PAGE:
Los Angeles Times — "Goodbye, Guy on a Horse. A New Wave of Monument Design Is Changing How We Honor History"

“Expanding the aesthetic language of monuments is something that many designers have been working on.

Chicago architect Jeanne Gang and her firm, Studio Gang, have spent several years on design concepts for the Mississippi waterfront in Memphis. The six-mile site includes Cobblestone Landing, built in the 19th century to serve as an important port for cotton — a trade built on the labor of the enslaved. There have been ongoing discussions about how a site like this might be memorialized.

‘It was an almost horizontal monument,’ Gang says of the landing, ‘a place that could also somehow represent democracy and the people, and not have a figural statue standing on it.’ Her firm explored this idea for the 2018 Venice Architecture Biennale in an installation titled ‘Stone Stories.’ Hundreds of cobblestones were assembled on the floor of the U.S. pavilion, accompanied by a wall piece that showed how stones might be shaped to tell individual stories — carved into the form of a hand or embedded with the relief of a ship.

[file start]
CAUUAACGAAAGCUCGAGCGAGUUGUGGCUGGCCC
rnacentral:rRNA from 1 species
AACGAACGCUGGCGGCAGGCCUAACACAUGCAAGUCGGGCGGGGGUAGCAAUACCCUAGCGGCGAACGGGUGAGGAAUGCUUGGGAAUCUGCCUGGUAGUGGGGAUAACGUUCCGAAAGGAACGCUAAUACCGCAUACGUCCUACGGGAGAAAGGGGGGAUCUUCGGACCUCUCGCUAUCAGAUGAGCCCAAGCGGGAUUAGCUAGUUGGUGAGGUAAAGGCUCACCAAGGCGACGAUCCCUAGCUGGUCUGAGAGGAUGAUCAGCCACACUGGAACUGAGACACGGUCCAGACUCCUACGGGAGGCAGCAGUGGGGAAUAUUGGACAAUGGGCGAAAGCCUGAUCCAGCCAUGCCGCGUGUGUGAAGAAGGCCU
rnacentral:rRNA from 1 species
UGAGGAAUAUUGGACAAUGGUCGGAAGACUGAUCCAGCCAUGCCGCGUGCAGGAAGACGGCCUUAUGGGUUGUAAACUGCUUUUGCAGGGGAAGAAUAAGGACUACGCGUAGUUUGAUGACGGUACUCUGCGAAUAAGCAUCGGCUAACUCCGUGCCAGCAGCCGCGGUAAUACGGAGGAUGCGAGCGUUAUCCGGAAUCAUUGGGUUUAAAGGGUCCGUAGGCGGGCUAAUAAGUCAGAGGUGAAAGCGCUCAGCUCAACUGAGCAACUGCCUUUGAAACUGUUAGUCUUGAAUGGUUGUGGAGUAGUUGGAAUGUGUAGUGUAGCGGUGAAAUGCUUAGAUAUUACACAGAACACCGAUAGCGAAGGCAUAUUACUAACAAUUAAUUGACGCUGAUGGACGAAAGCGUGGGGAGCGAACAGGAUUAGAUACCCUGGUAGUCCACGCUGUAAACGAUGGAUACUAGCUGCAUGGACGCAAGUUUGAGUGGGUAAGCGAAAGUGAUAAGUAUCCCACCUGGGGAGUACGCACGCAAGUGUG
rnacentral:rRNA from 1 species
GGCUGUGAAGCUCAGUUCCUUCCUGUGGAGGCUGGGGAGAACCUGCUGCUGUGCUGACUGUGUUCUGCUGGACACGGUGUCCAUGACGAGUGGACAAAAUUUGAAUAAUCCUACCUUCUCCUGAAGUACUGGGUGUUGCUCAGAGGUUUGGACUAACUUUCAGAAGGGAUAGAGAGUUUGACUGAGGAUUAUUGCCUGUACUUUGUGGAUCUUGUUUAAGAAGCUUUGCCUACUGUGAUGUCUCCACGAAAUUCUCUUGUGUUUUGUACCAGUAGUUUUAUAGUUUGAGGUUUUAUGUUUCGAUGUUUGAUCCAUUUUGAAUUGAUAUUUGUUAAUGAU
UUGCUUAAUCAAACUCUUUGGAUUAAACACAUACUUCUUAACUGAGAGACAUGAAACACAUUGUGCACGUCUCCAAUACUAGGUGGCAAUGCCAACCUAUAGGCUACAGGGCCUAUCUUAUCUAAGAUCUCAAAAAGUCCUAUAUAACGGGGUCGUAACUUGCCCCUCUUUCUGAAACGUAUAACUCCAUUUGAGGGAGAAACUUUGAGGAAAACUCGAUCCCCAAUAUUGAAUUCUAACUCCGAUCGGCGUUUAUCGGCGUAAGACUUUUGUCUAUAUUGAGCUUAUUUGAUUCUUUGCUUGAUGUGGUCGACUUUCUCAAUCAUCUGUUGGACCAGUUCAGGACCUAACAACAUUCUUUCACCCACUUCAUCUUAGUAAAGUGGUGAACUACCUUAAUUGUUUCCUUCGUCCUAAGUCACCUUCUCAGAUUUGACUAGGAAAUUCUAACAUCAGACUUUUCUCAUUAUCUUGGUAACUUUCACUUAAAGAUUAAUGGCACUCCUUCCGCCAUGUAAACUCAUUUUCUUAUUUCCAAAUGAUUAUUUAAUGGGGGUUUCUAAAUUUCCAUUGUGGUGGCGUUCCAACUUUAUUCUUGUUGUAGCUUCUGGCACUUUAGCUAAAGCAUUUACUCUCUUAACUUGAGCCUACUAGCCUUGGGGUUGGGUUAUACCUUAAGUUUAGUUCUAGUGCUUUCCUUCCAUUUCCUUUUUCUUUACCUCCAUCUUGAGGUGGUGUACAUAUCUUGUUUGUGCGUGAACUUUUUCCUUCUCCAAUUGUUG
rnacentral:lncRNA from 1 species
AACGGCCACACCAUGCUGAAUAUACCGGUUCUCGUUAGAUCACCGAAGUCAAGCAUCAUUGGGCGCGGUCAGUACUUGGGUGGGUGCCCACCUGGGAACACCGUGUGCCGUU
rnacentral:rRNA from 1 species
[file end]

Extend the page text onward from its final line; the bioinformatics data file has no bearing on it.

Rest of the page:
‘We wanted to integrate voices and memories into that space,’ Gang says. ‘We started collecting the stories of people from different aspects of the community: an artist, a musician, a patron of the arts, a mayor, a chef. … From the designer’s standpoint, the question was: Could we embed their stories into the material — into the stone.’

At the core of the conceptual piece — intended to prompt a dialogue about making a remembrance of a site such as Cobblestone Landing feel more contemporary, less 19th century — is community involvement. That’s a critical component in how monuments are now being designed and built.”

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New York Times — “Creators of Architectural Exhibits Reach to the Cosmos for Inspiration”

Studio Gang’s Stone Stories installation is profiled along with the six other projects that make up Dimensions of Citizenship, this year’s US Pavilion exhibition at the 16th International Architecture Biennale in Venice.


WTTW — "Artists, Architects Reimagine the Possibilities of Design in ‘Dimensions of Citizenship’"

“All of these hundreds of cobblestones that came from Memphis, then to Venice, now here to Chicago, are weighted. They’re weighted with history … it’s about bringing sort of a renewed interest into this material object.”

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